Learning as much as you can about your soil will help you decide what needs to be done to make it ideal for the crops you want to grow. If you can learn about your soil’s composition, texture, drainage, mineral density and acidity, you will avoid bad yields or overall disappointing results that happen when your soil quality is poor.
Test 1: Percolation Test
This test will help you determine whether you have drainage problems or not. Some crops, especially culinary herbs, slowly die when their roots are always too wet. So, to test your soil’s drainage:
Dig a 15 cm wide and 30 cm deep hole and fill it with water and allow it drain completely. Fill it with water again
and take note of how long it takes to drain. If it takes more than four hours, you have poor drainage.
Test 2: pH Test (acidity test)
The pH of your soil plays a major role in how well your plants grow. You test pH on a scale of 0-14, were zero is very acidic and fourteen very alkaline. Most crops grow best when the pH is fairly neutral, ie between six and seven.
Most farming stores have pH test kits which are are fairly accurate. However, you must ensure you follow all testing instructions. Once you know your soil pH, you can easily correct its quality.
Test 3: Worm Test
Worms are good indicators of the overall health of your soil. If you see earthworms in your soil, then your soil could have all of the beneficial bacteria and microbes that make it healthy. To test for worms, ensure the soil is warm (avoid cold mornings), and that it is a little moist, but not soaking wet.
Then, dig a hole 30 cm across and 30 cm deep and place the soil on a piece of cardboard. Slowly check the soil with your hands as you drop it back into the hole, and count the earthworms as you do this. If you count at least ten worms, then your soil must be in good condition. If they are less, then either there probably isn’t enough organic matter in your soil that supports a healthy worm population, or your soil is too alkaline or acidic.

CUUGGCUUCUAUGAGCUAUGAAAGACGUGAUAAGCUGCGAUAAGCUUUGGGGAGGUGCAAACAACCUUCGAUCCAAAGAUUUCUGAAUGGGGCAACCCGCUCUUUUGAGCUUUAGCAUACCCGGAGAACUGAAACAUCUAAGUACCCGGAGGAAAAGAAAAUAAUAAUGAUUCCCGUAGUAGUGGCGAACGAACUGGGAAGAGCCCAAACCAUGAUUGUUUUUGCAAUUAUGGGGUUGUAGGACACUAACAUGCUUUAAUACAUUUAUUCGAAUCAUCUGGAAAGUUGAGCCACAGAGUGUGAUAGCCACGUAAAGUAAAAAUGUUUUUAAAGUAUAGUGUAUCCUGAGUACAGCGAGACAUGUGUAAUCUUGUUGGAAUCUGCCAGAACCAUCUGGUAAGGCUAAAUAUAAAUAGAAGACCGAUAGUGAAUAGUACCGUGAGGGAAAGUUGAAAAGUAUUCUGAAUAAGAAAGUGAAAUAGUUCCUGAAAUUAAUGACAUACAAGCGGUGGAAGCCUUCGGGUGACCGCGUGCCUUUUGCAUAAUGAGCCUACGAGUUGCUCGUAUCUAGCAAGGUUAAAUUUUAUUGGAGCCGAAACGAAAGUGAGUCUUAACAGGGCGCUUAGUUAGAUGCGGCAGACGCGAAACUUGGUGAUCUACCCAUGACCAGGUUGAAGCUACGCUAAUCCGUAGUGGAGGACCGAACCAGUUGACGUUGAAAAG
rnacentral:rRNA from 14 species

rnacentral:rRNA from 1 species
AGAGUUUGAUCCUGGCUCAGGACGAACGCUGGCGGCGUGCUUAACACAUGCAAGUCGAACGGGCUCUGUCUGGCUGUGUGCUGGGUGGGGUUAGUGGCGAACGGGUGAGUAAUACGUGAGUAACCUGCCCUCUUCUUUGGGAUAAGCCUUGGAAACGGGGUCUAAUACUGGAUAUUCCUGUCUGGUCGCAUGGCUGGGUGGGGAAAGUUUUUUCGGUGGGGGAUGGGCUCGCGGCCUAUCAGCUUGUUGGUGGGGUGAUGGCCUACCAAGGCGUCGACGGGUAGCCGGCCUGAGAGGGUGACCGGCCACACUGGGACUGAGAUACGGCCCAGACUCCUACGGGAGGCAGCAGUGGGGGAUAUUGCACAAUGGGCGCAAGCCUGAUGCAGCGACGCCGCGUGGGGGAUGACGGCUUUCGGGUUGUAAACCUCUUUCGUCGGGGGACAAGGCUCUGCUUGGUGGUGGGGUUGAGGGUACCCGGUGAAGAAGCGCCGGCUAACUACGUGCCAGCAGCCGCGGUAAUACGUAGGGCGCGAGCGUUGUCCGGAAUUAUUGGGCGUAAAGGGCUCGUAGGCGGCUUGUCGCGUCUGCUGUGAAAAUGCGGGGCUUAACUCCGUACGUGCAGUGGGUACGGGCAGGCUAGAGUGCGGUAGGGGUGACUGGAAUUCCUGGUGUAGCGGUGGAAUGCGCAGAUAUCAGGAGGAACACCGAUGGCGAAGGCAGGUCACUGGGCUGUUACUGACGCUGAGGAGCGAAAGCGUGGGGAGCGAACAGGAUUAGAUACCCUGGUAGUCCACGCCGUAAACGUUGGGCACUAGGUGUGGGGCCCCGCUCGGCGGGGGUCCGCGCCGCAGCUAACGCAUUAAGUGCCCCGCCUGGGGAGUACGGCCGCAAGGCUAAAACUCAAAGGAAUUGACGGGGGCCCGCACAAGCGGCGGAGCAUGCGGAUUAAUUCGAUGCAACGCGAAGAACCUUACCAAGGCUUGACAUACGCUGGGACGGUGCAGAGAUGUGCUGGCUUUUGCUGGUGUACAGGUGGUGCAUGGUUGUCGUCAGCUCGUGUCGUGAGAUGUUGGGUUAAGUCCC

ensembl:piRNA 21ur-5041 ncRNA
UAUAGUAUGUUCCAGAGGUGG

Test 4: Squeeze Test
You have to know the character of your soil. Is it sandy, clay or loamy? Clay is full of nutrients, but slow draining. Sandy is drains quickly, but can’t retain moisture and nutrients. Loamy is generally said to be ideal because it retains nutrients and moisture but doesn’t stay soggy.
To determine the type of soil you have, take a handful of moist (not wet) soil, squeeze it firmly then, open your hand. Here what will happen:
- If it holds its shape, and crumbles when you poke it, it is loamy soil
- If it holds its shape, but stays firm when you poke it, it is clay soil.
- Lastly, if it falls apart as soon as you open your hand, it is sandy soil.
These tests are easy, and an inexpensive way to ensure that your crops have the best foundation. If your plants are still struggling after doing all these tests, and amending the soil, have your soil tested for other mineral deficiencies, as well as steps you need to take to correct the issues.